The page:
Heparin as an Anticoagulant (Injection)
Antithrombin III blocks the formation of prothrombin to thrombrin. Antithrombin III interrupts the coagulation cascade, not allowing fibrinogen to turn to fibrin and a lattice won’t be formed.
Heparin activates Antithrombin III, so clots can’t form. There are several potential uses of heparin and it’s primarily used as an injectable. When heparin is administered subcutaneously, it is usually a low dose and it’s a prophylactic dose for high risk patients to prevent post-operative clotting. Usually these high risk patients are hip patients, abdominal surgery patients, bed-ridden patients and so forth.
Heparin as a constant infusion following bolus dose
We also use heparin intravenously as a constant infusion following a bolus dose when we are dealing with serious thrombosis such as deep vein thrombosis and pulmonary embolism. These people will get a bolus dose to get their levels up and then an infusion will start to maintain them. We hopefully will be able to switch them to an oral medication such as warfarin.
When a patient is hospitalized, we need an access port to their veins. If they are getting something intravenously, they are usually getting multiple medications through the same access port. We call this piggy backing. A catheter is typically inserted into the patients vein with a port outside the skin so that instead instead of sticking the patient with a needle everytime, we stick it into the port.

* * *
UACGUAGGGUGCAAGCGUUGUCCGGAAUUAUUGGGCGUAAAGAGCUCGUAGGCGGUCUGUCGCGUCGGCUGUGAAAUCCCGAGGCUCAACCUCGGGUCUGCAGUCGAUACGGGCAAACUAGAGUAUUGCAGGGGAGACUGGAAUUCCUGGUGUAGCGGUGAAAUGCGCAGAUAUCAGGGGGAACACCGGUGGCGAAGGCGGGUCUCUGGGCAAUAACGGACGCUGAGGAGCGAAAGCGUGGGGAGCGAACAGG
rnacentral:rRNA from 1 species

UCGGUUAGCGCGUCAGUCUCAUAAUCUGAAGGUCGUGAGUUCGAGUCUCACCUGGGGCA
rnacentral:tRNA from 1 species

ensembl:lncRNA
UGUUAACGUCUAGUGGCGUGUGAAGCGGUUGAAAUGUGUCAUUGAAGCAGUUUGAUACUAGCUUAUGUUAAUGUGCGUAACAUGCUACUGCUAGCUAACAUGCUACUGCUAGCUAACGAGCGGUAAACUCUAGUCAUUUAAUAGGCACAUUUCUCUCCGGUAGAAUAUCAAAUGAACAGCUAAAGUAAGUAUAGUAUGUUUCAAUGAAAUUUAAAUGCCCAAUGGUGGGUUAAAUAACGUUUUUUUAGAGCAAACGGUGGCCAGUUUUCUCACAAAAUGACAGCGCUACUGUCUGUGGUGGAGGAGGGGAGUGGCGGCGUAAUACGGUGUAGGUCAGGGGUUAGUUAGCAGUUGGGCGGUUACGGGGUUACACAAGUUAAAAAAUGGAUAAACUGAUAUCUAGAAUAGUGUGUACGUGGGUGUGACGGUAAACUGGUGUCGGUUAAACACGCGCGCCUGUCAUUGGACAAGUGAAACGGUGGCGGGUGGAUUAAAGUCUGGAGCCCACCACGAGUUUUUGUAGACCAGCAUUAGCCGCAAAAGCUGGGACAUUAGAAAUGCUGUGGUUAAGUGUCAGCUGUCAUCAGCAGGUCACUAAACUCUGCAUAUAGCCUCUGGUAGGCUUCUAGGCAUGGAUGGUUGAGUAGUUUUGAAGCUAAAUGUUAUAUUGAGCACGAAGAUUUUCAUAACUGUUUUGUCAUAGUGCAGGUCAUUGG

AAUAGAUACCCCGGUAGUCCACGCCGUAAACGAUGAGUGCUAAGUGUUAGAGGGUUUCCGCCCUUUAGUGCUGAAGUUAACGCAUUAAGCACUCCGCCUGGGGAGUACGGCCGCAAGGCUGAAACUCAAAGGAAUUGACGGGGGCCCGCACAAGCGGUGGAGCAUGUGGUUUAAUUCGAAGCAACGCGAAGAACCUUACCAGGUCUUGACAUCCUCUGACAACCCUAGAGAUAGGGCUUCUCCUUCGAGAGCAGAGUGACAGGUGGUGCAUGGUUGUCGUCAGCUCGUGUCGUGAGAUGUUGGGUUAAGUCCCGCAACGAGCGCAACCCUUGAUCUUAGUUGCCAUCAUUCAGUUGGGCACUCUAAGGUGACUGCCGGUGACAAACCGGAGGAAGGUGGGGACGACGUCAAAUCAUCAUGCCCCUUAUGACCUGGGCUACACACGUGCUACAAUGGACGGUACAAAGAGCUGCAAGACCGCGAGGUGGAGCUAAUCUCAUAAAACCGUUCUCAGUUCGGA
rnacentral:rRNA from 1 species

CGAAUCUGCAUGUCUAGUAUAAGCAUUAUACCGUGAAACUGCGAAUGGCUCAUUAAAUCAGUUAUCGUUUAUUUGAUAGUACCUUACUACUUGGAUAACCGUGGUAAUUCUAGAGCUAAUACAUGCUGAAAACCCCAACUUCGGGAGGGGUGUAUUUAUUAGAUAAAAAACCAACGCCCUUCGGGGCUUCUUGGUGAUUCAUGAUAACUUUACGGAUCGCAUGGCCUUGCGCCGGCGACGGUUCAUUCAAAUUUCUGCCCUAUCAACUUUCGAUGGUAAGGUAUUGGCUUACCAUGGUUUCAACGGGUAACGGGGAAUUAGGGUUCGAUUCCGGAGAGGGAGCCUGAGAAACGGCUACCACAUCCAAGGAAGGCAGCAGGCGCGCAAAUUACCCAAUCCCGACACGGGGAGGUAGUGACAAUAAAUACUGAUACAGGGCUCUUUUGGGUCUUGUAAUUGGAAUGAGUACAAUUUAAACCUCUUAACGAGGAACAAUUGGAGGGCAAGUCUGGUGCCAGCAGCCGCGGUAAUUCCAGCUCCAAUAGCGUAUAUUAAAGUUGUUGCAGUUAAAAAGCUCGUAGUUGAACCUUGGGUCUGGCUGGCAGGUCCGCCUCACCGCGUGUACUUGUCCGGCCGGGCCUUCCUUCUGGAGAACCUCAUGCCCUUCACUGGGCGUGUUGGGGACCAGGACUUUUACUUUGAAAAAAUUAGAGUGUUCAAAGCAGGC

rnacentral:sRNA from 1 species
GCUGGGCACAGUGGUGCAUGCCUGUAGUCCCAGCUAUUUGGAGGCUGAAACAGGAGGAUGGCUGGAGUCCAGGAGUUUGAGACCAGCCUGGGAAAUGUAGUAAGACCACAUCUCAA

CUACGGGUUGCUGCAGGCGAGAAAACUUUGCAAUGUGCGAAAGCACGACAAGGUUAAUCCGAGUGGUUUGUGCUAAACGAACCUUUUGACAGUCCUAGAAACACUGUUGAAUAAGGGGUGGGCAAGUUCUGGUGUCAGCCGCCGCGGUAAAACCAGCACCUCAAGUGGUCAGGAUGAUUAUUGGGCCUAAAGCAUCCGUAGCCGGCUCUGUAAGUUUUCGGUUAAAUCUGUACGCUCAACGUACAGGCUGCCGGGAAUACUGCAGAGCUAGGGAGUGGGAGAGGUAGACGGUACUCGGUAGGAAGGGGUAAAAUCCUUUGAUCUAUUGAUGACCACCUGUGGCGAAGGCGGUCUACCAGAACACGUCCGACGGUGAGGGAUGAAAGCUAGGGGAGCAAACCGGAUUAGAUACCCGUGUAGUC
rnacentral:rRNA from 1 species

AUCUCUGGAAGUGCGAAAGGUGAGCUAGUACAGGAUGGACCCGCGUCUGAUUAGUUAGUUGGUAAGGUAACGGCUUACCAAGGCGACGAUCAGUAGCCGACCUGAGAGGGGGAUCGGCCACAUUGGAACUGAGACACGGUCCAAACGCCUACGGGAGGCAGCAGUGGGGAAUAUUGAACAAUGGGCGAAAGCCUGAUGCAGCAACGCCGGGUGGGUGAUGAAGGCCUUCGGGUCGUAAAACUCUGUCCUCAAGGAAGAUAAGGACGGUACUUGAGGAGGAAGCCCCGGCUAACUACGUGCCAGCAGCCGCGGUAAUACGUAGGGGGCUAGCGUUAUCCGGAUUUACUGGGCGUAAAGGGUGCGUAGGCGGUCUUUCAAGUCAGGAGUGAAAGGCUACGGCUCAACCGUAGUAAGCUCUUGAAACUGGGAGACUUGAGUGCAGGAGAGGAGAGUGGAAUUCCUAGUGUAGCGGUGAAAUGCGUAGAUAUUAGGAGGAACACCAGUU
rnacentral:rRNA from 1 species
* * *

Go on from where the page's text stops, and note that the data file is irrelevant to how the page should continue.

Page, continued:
When we disconnect the infusion, we flush the line with saline and push the rest of the drug (~1cc) into the vein. If we have a catheter sitting in the persons vein with nothing flowing through it for the next several hours, a clot could form there, making this catheter line unusable and having to be pulled. So after the line is flushed with saline, we put a very small amount of heparin in there and let it dwell in the catheter, to hopefully not allow a clot to form. Then hours later we could use it again.
There are many hospitals that have a procedure protocol to never put heparin in a heparin lock because some studies have shown that saline is almost good enough. So the hospital are taking a financial risk because it saves them lots of money. After 3 days the policy is such that they have to put a new catheter in anyway. So they are taking the chance that this saline flush is going to be good for 3 days. They don’t, however, take a chance with this when it’s a central-line since it’s going straight to the heart with the vena-cavae. This may be a PICC line (peripherally inserted central catheter). They can’t take the risk of this line clotting.
Why do we ever put a catheter into the vena cavae? It’s when a person is intended to receive therapy for a prolonged period of time. It could be antibiotic treatment that could go on for weeks. Another possibility is cancer chemotherapy. Another reason is when a person can’t eat and must get all their nutrition through a very hypertonic solution (25-35% dextrose). Only at the vena cavae will this hypertonic solution be diluted fast enough.
- Heparin Activates Antithrombin III
- Injectable administration only
- Subcutaneously is used to prevent post operative clotting, or bed ridden patient clotting
- Heparin flush
- Constant infusion following bolus dose
- Treatment of deep venous thrombosis, pulmonary embolism
- Eventually we may switch to warfarin